The purpose of this research is to explore how complaints processes are being used by parents to report current issues within Scottish education and whether this has affected teacher mental health and well being.
This is of particular interest given that throughout the COVID-19 pandemic, there has been a noticeable, negative rhetoric about teachers circulating in the UK media and via social media platforms. Anecdotally, teachers are reporting an increase in complaints as well as increasingly antagonistic complaints.
Prior to the COVID-19 pandemic, a significant proportion of teaching staff reported feeling undervalued by society (OECD, 2018) and over half of Scottish teachers reported mental ill health due to workplace stress (White, 2020). As the pandemic continues, poor mental health continues to affect UK teachers (Kim & Asbury, 2020) and addressing this remains an ongoing priority of the Scottish Government (ScotGov, 2020).
This study will build on empirical research which reported how complaints in the Health Sector (Bourne et al., 2015, Bruers et al. 2015, Cunningham 2004 Jain and Ogden 1999). and other public services (Gill et al., 2017) can result in significant negative effects on staff wellbeing, defensive practices, avoidance and a reduction in trust.
Our research will specifically explore how teachers who have been complained about can be supported and how complaints can be used to encourage wider organisational learning.
The research will be undertaken using a mixed-methods sequential design of an online survey followed by telephone or online interviews with teachers.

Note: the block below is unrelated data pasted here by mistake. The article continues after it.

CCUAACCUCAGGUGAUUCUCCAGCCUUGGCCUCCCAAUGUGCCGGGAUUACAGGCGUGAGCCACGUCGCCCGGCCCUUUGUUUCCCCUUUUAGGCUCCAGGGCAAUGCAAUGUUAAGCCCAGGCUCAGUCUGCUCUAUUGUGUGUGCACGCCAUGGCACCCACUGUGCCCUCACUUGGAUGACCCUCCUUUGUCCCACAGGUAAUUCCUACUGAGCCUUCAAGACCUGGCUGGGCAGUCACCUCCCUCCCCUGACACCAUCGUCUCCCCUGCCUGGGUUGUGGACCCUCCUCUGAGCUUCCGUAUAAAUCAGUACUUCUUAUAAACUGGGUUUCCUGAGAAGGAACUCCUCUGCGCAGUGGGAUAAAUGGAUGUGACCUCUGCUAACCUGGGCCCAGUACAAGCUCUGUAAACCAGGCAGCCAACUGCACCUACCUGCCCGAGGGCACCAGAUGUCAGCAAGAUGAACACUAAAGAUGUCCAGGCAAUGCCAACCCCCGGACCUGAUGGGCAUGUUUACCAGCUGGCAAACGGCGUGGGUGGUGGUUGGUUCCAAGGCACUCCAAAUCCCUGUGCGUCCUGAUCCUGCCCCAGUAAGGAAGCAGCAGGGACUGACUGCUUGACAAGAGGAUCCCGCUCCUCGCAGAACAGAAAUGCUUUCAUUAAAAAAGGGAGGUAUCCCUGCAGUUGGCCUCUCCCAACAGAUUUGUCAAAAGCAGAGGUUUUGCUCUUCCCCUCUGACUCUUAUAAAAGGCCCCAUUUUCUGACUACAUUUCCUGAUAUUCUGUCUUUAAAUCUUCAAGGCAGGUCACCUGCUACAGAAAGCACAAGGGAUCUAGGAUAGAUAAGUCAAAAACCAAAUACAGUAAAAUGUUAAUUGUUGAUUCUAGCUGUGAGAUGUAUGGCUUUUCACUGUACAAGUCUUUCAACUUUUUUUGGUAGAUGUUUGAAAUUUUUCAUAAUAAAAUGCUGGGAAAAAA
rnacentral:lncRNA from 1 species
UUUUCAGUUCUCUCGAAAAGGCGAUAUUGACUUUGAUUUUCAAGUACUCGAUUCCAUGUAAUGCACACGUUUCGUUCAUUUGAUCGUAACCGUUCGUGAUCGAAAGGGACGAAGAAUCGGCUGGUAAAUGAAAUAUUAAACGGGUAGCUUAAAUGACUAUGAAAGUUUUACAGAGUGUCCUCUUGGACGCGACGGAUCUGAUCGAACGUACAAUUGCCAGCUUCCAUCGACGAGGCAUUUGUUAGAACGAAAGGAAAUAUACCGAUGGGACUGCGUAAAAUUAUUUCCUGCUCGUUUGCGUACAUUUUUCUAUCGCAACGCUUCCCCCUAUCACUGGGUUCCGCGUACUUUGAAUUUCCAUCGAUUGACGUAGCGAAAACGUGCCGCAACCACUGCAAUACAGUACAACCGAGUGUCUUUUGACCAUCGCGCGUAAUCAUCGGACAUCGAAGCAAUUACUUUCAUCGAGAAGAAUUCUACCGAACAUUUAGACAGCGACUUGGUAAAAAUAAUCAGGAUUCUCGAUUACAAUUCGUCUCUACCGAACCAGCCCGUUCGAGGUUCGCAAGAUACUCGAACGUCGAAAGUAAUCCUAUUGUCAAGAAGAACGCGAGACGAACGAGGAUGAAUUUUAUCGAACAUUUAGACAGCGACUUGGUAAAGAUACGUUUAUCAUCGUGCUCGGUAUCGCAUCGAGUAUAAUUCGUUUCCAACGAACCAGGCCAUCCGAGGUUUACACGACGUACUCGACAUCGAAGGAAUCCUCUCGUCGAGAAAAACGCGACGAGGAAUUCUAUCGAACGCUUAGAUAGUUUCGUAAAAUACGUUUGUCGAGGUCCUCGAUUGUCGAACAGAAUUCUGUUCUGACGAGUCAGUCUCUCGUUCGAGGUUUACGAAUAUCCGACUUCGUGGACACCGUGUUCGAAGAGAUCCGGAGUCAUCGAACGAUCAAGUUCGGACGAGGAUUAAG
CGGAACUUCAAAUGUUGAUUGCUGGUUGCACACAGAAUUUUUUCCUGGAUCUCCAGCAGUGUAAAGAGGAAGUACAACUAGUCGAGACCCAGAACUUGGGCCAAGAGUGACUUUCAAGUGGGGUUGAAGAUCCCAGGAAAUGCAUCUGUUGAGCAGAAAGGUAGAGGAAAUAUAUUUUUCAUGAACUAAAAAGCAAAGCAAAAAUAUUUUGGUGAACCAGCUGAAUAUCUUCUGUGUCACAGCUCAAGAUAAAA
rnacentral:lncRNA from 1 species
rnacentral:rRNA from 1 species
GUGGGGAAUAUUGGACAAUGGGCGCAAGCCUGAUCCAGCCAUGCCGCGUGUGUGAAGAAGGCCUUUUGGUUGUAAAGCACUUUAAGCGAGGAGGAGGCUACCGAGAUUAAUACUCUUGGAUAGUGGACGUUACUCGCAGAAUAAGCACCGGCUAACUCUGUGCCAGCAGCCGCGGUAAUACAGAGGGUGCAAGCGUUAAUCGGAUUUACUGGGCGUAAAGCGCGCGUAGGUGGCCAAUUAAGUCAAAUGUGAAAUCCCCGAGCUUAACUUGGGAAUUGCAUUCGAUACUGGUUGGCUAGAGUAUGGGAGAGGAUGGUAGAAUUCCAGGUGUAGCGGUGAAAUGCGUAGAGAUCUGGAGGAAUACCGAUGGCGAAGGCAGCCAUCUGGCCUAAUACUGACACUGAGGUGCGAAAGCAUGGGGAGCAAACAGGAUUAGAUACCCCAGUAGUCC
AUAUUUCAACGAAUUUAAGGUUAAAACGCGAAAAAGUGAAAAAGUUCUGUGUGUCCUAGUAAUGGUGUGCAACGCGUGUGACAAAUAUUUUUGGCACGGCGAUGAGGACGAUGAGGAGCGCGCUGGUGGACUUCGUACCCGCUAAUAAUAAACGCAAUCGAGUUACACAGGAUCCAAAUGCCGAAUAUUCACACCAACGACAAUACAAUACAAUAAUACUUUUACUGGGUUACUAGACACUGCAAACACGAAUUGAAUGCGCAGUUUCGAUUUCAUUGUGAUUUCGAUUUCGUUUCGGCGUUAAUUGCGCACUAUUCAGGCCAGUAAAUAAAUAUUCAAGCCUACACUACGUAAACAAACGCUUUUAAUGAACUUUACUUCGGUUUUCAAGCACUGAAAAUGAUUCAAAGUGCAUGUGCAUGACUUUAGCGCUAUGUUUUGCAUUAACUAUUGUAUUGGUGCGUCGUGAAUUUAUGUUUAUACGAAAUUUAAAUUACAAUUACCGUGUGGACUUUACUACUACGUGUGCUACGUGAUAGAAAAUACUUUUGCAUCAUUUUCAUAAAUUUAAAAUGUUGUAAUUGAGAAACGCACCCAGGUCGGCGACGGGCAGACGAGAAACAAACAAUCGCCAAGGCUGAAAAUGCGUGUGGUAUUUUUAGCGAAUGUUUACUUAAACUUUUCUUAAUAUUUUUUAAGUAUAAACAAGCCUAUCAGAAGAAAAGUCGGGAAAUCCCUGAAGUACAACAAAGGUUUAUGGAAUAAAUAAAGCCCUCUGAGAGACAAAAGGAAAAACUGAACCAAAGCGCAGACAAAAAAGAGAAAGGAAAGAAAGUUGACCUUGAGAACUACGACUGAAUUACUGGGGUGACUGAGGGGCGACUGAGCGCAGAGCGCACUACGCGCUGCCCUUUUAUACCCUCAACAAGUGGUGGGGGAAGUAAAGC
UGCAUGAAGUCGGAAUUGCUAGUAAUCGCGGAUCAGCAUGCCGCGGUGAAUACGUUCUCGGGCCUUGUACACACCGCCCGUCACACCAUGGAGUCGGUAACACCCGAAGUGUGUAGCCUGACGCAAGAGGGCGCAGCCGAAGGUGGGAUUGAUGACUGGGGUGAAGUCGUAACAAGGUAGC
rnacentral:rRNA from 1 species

This research intends to benefit teachers and their employers by highlighting the issue, providing meaningful data around the issue, whilst also proposing a therapeutic model for complaints within education, which can be used by local authorities to support schools to best deal with parental complaints. It will build on research previously undertaken by QMU with the University of Glasgow on the impact of being complained about on other public service employees which highlights the need for a more therapeutic approach to complaint handling which supports all the actors in the complaint handling process including employees (Gill et al. 2019). It will identify the extent to which complaint processes are acting anti-therapeutically and make recommendations on how to address this. This research will be disseminated via an academic paper, as well as a report distributed to the GTCS, Education Scotland, teaching unions, and local authorities.
The funding is primarily being used to fund a Research Assistant (0.4 FTE) for six months who will help us with the survey and the interviews. The intention is for the Research Assistant to be drawn from the existing QMU body in either school, particularly those whose current work has been impacted by COVID19.